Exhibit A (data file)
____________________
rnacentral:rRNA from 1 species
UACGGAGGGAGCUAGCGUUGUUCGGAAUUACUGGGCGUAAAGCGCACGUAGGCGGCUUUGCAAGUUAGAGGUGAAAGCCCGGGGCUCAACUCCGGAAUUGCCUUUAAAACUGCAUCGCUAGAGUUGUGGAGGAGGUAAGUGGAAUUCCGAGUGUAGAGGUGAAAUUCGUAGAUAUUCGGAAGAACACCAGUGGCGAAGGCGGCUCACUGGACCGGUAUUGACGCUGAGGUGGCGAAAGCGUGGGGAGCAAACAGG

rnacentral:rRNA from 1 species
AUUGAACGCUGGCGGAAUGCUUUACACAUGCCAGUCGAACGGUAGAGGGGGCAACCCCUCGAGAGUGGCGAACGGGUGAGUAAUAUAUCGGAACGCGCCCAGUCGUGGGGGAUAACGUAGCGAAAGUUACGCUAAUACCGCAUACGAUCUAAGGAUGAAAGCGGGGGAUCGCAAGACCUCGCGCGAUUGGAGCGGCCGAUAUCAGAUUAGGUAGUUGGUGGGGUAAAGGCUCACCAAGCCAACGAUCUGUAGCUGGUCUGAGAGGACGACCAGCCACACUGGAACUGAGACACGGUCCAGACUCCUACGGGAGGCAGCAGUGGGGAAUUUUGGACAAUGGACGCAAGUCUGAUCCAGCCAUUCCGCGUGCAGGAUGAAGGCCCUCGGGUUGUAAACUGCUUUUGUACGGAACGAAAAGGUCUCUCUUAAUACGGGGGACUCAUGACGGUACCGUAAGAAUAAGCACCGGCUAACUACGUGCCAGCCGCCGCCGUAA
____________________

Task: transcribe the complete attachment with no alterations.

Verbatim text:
rnacentral:rRNA from 1 species
UACGGAGGGAGCUAGCGUUGUUCGGAAUUACUGGGCGUAAAGCGCACGUAGGCGGCUUUGCAAGUUAGAGGUGAAAGCCCGGGGCUCAACUCCGGAAUUGCCUUUAAAACUGCAUCGCUAGAGUUGUGGAGGAGGUAAGUGGAAUUCCGAGUGUAGAGGUGAAAUUCGUAGAUAUUCGGAAGAACACCAGUGGCGAAGGCGGCUCACUGGACCGGUAUUGACGCUGAGGUGGCGAAAGCGUGGGGAGCAAACAGG

rnacentral:rRNA from 1 species
AUUGAACGCUGGCGGAAUGCUUUACACAUGCCAGUCGAACGGUAGAGGGGGCAACCCCUCGAGAGUGGCGAACGGGUGAGUAAUAUAUCGGAACGCGCCCAGUCGUGGGGGAUAACGUAGCGAAAGUUACGCUAAUACCGCAUACGAUCUAAGGAUGAAAGCGGGGGAUCGCAAGACCUCGCGCGAUUGGAGCGGCCGAUAUCAGAUUAGGUAGUUGGUGGGGUAAAGGCUCACCAAGCCAACGAUCUGUAGCUGGUCUGAGAGGACGACCAGCCACACUGGAACUGAGACACGGUCCAGACUCCUACGGGAGGCAGCAGUGGGGAAUUUUGGACAAUGGACGCAAGUCUGAUCCAGCCAUUCCGCGUGCAGGAUGAAGGCCCUCGGGUUGUAAACUGCUUUUGUACGGAACGAAAAGGUCUCUCUUAAUACGGGGGACUCAUGACGGUACCGUAAGAAUAAGCACCGGCUAACUACGUGCCAGCCGCCGCCGUAA